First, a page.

WEDNESDAY, Jan. 13 (HealthDay News) -- Although the prevalence of overweight and obesity is still high in adults and children in the United States, the rates appear to be stabilizing in the past decade, according to two studies published online Jan. 13 in the Journal of the American Medical Association.
Katherine M. Flegal, Ph.D., and colleagues from the U.S. Centers for Disease Control and Prevention in Hyattsville, Md., assessed the prevalence of obesity and overweight from 2007 to 2008 using data from 5,555 adults. They found that 68.0 percent were overweight or obese (body mass index [BMI] of 25 or higher) and 33.8 percent were obese (BMI of 30 or higher). More men than women were overweight or obese. However, the increases in the prevalence of obesity observed from 1976 to 2000 do not appear to be continuing, according to the study.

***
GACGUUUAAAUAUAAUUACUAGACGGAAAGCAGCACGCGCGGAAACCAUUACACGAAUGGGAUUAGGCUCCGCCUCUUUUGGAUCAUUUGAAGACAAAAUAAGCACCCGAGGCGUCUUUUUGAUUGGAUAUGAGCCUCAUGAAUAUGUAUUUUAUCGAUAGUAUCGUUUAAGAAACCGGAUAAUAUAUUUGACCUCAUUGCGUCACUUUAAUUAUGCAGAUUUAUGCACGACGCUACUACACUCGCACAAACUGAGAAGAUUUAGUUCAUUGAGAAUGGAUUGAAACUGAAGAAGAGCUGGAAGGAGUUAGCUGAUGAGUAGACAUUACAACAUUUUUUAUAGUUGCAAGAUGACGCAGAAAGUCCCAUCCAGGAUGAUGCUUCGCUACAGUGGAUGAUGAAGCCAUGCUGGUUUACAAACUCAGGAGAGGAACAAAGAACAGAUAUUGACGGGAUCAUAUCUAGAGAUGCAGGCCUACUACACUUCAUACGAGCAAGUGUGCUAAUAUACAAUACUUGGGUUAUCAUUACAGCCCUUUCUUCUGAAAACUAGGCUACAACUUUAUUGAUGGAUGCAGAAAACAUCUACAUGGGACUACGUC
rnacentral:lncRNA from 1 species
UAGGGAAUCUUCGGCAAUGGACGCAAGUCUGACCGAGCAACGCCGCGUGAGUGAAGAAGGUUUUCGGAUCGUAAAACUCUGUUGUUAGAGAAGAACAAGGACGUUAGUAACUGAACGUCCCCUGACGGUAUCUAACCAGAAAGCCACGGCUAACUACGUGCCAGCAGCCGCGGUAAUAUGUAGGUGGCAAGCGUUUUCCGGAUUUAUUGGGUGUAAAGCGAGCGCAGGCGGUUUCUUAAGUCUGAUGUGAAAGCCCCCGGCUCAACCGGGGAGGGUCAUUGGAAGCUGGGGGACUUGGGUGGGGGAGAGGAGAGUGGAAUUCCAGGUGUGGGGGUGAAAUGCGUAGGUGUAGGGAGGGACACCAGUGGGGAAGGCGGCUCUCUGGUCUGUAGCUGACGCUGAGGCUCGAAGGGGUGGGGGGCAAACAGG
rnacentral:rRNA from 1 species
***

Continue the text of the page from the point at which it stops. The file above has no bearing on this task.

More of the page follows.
Cynthia L. Ogden, Ph.D., and colleagues from the U.S. Centers for Disease Control and Prevention in Hyattsville, Md., examined trends in high BMI using data from 3,281 children and adolescents (2 to 19 years of age). The researchers found that from 2007 to 2008, 16.9 percent were at or above the 95th percentile of BMI for age, while 31.7 percent were at or above the 85th percentile of BMI for age. In general, there was no significant trend since 1999.
The studies "offer a glimmer of hope that in the United States at least, the steady, decades-long increases in overweight and obesity may have slowed or perhaps reached a plateau," writes the author of an accompanying editorial. "Given the risk of obesity-related major health problems, a massive public health campaign to raise awareness about the effects of overweight and obesity is necessary."
The author of the editorial reported a consulting relationship with Bayer and having served as a medical expert for Merck.
Abstract - Flegal
Full Text - Flegal
Abstract - Ogden
Full Text - Ogden